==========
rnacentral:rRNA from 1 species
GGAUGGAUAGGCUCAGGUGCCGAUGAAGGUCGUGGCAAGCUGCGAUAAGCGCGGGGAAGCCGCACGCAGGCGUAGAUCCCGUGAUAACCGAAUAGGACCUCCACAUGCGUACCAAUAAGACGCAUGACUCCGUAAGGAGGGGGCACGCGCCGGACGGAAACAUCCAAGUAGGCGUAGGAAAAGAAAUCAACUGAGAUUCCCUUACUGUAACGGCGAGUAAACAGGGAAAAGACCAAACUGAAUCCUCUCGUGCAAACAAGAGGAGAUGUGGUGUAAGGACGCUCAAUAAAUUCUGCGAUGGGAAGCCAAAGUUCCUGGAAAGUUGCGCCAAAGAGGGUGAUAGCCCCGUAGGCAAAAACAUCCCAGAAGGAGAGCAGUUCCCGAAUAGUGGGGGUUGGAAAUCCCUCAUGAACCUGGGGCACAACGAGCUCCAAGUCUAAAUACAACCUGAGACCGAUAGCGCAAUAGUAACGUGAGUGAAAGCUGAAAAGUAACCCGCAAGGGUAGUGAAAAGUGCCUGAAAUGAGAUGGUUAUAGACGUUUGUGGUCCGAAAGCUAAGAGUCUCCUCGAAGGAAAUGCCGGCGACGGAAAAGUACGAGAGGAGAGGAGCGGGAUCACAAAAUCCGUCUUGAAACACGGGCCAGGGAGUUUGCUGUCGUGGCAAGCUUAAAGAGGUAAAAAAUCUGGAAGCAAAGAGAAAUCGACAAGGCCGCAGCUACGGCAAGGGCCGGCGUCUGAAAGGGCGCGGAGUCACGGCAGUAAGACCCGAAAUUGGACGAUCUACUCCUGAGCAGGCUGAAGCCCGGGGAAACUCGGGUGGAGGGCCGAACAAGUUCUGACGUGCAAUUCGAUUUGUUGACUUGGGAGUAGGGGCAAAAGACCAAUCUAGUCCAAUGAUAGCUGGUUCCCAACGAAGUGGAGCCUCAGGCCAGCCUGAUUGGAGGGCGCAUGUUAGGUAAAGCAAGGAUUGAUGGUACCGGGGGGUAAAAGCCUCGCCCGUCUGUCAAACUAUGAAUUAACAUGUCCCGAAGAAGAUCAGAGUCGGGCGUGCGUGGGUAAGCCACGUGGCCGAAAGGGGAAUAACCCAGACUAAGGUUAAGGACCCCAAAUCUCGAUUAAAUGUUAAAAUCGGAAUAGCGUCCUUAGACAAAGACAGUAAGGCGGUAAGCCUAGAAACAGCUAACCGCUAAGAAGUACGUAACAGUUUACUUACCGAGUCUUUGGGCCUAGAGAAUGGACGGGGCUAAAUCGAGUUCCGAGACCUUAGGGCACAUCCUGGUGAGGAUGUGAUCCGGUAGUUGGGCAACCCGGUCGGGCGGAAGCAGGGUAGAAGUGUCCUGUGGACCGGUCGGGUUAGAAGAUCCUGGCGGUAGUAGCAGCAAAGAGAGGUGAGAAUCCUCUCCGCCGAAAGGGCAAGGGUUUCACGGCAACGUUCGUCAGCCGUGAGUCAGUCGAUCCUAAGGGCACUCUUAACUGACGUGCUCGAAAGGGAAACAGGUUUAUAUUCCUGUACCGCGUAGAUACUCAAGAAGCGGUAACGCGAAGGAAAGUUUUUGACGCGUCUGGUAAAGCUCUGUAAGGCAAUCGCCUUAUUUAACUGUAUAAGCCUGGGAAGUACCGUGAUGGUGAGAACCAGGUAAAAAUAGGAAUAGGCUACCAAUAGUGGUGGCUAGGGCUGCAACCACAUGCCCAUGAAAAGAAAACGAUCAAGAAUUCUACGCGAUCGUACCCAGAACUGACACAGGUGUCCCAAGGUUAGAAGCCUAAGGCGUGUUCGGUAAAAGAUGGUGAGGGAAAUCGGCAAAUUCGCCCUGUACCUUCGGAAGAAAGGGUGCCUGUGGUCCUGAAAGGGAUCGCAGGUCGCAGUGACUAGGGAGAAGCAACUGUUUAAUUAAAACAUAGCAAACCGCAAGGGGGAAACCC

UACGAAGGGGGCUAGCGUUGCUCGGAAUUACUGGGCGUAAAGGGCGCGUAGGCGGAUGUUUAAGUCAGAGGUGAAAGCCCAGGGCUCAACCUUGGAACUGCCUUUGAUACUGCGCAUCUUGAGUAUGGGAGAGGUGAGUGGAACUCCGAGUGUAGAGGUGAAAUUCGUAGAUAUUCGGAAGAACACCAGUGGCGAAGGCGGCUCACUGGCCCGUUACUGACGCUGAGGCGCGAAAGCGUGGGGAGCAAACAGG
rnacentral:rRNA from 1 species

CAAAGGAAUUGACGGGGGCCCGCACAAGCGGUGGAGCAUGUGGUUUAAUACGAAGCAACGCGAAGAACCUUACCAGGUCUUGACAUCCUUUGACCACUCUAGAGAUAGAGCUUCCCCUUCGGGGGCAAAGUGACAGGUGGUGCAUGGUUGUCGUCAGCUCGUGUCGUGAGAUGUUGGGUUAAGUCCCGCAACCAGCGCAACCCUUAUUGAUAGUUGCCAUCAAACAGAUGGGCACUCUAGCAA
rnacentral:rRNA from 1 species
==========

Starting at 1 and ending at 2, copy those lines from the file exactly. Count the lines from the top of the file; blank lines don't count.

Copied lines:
rnacentral:rRNA from 1 species
GGAUGGAUAGGCUCAGGUGCCGAUGAAGGUCGUGGCAAGCUGCGAUAAGCGCGGGGAAGCCGCACGCAGGCGUAGAUCCCGUGAUAACCGAAUAGGACCUCCACAUGCGUACCAAUAAGACGCAUGACUCCGUAAGGAGGGGGCACGCGCCGGACGGAAACAUCCAAGUAGGCGUAGGAAAAGAAAUCAACUGAGAUUCCCUUACUGUAACGGCGAGUAAACAGGGAAAAGACCAAACUGAAUCCUCUCGUGCAAACAAGAGGAGAUGUGGUGUAAGGACGCUCAAUAAAUUCUGCGAUGGGAAGCCAAAGUUCCUGGAAAGUUGCGCCAAAGAGGGUGAUAGCCCCGUAGGCAAAAACAUCCCAGAAGGAGAGCAGUUCCCGAAUAGUGGGGGUUGGAAAUCCCUCAUGAACCUGGGGCACAACGAGCUCCAAGUCUAAAUACAACCUGAGACCGAUAGCGCAAUAGUAACGUGAGUGAAAGCUGAAAAGUAACCCGCAAGGGUAGUGAAAAGUGCCUGAAAUGAGAUGGUUAUAGACGUUUGUGGUCCGAAAGCUAAGAGUCUCCUCGAAGGAAAUGCCGGCGACGGAAAAGUACGAGAGGAGAGGAGCGGGAUCACAAAAUCCGUCUUGAAACACGGGCCAGGGAGUUUGCUGUCGUGGCAAGCUUAAAGAGGUAAAAAAUCUGGAAGCAAAGAGAAAUCGACAAGGCCGCAGCUACGGCAAGGGCCGGCGUCUGAAAGGGCGCGGAGUCACGGCAGUAAGACCCGAAAUUGGACGAUCUACUCCUGAGCAGGCUGAAGCCCGGGGAAACUCGGGUGGAGGGCCGAACAAGUUCUGACGUGCAAUUCGAUUUGUUGACUUGGGAGUAGGGGCAAAAGACCAAUCUAGUCCAAUGAUAGCUGGUUCCCAACGAAGUGGAGCCUCAGGCCAGCCUGAUUGGAGGGCGCAUGUUAGGUAAAGCAAGGAUUGAUGGUACCGGGGGGUAAAAGCCUCGCCCGUCUGUCAAACUAUGAAUUAACAUGUCCCGAAGAAGAUCAGAGUCGGGCGUGCGUGGGUAAGCCACGUGGCCGAAAGGGGAAUAACCCAGACUAAGGUUAAGGACCCCAAAUCUCGAUUAAAUGUUAAAAUCGGAAUAGCGUCCUUAGACAAAGACAGUAAGGCGGUAAGCCUAGAAACAGCUAACCGCUAAGAAGUACGUAACAGUUUACUUACCGAGUCUUUGGGCCUAGAGAAUGGACGGGGCUAAAUCGAGUUCCGAGACCUUAGGGCACAUCCUGGUGAGGAUGUGAUCCGGUAGUUGGGCAACCCGGUCGGGCGGAAGCAGGGUAGAAGUGUCCUGUGGACCGGUCGGGUUAGAAGAUCCUGGCGGUAGUAGCAGCAAAGAGAGGUGAGAAUCCUCUCCGCCGAAAGGGCAAGGGUUUCACGGCAACGUUCGUCAGCCGUGAGUCAGUCGAUCCUAAGGGCACUCUUAACUGACGUGCUCGAAAGGGAAACAGGUUUAUAUUCCUGUACCGCGUAGAUACUCAAGAAGCGGUAACGCGAAGGAAAGUUUUUGACGCGUCUGGUAAAGCUCUGUAAGGCAAUCGCCUUAUUUAACUGUAUAAGCCUGGGAAGUACCGUGAUGGUGAGAACCAGGUAAAAAUAGGAAUAGGCUACCAAUAGUGGUGGCUAGGGCUGCAACCACAUGCCCAUGAAAAGAAAACGAUCAAGAAUUCUACGCGAUCGUACCCAGAACUGACACAGGUGUCCCAAGGUUAGAAGCCUAAGGCGUGUUCGGUAAAAGAUGGUGAGGGAAAUCGGCAAAUUCGCCCUGUACCUUCGGAAGAAAGGGUGCCUGUGGUCCUGAAAGGGAUCGCAGGUCGCAGUGACUAGGGAGAAGCAACUGUUUAAUUAAAACAUAGCAAACCGCAAGGGGGAAACCC